A BIG-hearted five-year-old girl, who likes to keep a ‘watchful eye’ on lifesavers, wore her yellow jacket with pride as she handed over the final donation needed to ensure a lifeboat station can receive its modern new boat.

Darcey Payne, described fondly by one crew member as “one-in-a-million”, handed over money she had raised – combined with her pocket money – to Rhyl Lifeboat crew members on Monday.

Rhyl RNLI has now reached its target of £150,000 towards its new Shannon-class lifeboat.

The total was achieved in just 10 months.

Fundraising started last January.

Darcey gives her thoughts. Video: Suzanne Kendrick

The new boat, which has an increased speed of 25 knots compared to the current Mersey class which is capable of 17 knots, is due to arrive in October.

Darcey’s mum Stacey Payne-Burgoyne said her daughter took a ‘shine’ to the lifeboat station - and “heroes of the sea” - when she was just a couple of weeks old. The Ysgol Bryn Hedydd pupil comes to watch the crew during exercises and callouts and will often wait to ensure crew members return to shore.

Darcey, who has her own mini crew kit, started her fundraising appeal off with a £30 donation and raised a further £150 to donate.

Martin Jones, full-time coxswain/mechanic who has been with Rhyl Lifeboat for about 32 years, said: “Little Darcey is a regular to the station. She is a little star. I think for her to finish the appeal is just fantastic. She is one-in-a-million to do what she has done.

"I first met Darcey a couple of years ago. Her mum and dad would bring her down and she would always wave to us and it has just got more and more intense for her over the last couple of years.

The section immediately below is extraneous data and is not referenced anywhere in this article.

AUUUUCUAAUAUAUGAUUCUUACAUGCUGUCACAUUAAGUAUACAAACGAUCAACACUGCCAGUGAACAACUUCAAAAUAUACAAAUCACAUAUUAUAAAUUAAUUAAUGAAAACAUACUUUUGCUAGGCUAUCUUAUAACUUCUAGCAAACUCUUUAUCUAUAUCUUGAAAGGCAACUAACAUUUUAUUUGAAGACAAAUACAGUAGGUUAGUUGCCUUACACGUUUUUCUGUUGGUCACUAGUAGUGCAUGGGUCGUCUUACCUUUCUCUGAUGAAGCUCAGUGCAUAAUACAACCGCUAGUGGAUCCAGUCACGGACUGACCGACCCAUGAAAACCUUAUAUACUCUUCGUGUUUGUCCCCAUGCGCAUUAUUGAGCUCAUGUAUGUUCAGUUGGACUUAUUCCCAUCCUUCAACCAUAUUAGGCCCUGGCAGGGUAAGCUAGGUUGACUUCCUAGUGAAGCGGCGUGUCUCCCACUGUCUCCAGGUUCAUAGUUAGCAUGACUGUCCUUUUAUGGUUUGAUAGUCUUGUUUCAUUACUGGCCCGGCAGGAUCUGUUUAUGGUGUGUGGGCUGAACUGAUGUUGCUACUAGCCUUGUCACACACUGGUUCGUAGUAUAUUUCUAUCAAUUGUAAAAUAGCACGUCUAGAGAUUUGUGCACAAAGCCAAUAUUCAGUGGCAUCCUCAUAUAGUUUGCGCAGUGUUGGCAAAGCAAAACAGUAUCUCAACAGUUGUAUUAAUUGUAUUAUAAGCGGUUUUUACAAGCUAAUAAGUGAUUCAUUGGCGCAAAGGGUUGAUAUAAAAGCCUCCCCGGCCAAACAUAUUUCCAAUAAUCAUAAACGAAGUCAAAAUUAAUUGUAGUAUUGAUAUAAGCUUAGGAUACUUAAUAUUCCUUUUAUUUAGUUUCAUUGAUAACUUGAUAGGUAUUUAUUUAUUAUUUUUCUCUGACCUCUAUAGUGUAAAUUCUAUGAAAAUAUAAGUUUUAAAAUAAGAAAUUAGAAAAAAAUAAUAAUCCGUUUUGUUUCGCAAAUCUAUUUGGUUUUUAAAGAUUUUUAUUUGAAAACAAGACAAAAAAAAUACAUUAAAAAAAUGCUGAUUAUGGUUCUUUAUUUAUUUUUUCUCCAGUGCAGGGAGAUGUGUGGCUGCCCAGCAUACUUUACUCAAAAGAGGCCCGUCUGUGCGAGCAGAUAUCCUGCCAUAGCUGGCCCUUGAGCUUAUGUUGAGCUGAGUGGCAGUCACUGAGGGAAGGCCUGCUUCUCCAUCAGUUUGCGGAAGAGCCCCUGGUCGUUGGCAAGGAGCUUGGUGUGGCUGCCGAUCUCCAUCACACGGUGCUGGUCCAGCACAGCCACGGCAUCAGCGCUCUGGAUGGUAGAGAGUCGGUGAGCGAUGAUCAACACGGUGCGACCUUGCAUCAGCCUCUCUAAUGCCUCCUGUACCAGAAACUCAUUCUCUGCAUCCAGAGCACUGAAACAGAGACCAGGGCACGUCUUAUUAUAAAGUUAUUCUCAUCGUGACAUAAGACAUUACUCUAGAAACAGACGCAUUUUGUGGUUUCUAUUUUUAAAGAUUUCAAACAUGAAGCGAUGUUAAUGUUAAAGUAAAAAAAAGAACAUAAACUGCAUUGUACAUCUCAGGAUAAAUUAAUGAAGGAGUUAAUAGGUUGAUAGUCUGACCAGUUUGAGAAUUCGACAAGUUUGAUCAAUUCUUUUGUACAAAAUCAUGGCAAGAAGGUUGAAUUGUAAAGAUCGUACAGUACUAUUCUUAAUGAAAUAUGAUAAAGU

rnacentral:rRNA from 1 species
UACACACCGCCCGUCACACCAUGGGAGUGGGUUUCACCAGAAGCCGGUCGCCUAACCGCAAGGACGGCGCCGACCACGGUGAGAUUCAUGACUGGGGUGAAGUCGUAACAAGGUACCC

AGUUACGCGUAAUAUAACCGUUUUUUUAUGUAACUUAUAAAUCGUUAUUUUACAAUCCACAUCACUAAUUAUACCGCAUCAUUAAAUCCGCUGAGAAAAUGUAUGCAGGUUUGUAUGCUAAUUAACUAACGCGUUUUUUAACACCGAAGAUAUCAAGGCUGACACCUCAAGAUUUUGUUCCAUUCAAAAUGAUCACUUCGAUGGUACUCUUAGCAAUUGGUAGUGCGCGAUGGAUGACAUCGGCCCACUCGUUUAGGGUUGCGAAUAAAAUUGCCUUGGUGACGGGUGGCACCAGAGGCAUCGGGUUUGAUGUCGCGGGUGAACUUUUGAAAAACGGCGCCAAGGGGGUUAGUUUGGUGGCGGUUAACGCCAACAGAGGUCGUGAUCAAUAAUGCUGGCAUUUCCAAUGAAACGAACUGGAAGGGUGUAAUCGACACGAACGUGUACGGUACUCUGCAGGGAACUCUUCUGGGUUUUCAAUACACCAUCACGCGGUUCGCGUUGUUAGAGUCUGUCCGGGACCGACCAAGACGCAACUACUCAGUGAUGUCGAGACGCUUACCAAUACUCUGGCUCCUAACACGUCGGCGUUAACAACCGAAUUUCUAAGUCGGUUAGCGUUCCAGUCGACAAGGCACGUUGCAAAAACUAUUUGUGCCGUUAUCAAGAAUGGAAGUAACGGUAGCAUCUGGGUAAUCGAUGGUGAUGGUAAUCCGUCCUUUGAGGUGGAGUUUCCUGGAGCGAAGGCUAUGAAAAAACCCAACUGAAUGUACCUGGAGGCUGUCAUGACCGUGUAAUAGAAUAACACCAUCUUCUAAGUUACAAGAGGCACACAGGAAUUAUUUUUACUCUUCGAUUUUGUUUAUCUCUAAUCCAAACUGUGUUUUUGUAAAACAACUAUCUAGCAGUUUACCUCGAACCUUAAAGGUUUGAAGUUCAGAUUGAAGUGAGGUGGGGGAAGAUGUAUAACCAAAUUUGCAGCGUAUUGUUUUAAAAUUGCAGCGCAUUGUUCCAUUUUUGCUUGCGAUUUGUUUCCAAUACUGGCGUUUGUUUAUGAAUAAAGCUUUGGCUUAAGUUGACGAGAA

“She knows when the boat is out and she will wait for us when we come back - I think she likes to keep an eye on us, make sure we are safe.

“It is amazing [to reach the final total],” Martin added.

“The support we’ve had from our local community - as ever - is just unbelievable. To hit this target so quick is beyond belief really.

Interview: Martin Jones and Darcey's mum Stacey Payne-Burgoyne. Video: Suzanne Kendrick

“The boat is due mid October. She is just finishing off being painted.

“We’ve had the roll out talk and things are really cranking up training wise.

“Four months of training is needed to get the boat ready for service.

“It is very modern. The speed is 25 knots so we can reach casualties even quicker.

“Never in a million years did we think we would smash the target."

Darcey has aspirations of becoming a lifesaver herself.

When asked why she likes coming to the lifeboat station, she replied: “Because it saves people” and that she comes to the lifeboat station “A lot.”

Mum Stacey Payne-Burgoyne said: “Since Darcey was a couple of weeks old, we were coming down to the beach and she just took an instant shine.

“The crew made a big fuss of her and she just loved watching the boat go in and out. It was lovely to see that she had just taken a shine to these heroes of the sea.

“I don’t think she has realised she has [collected the final donation]. She is still collecting now. She has emptied the jar and started again.”

The station has been supported by cllr Pete Prendergast, since revealing the RNLI was the council’s charity of the year.

Fundraising was kick-started last year when Brendan O’Carroll, star of BBC comedy Mrs Brown’s Boys, shocked lifeboat volunteers by revealing on stage at Rhyl Pavilion he would donate £10,000 towards the Shannon-class lifeboat.

In March 2018, Rhyl celebrated a cash injection of £55,000 thanks to the Steve Morgan Foundation.

The appeal has also been supported through the community, a number of events, money donated by fundraising branches across the country as well as groups and individuals.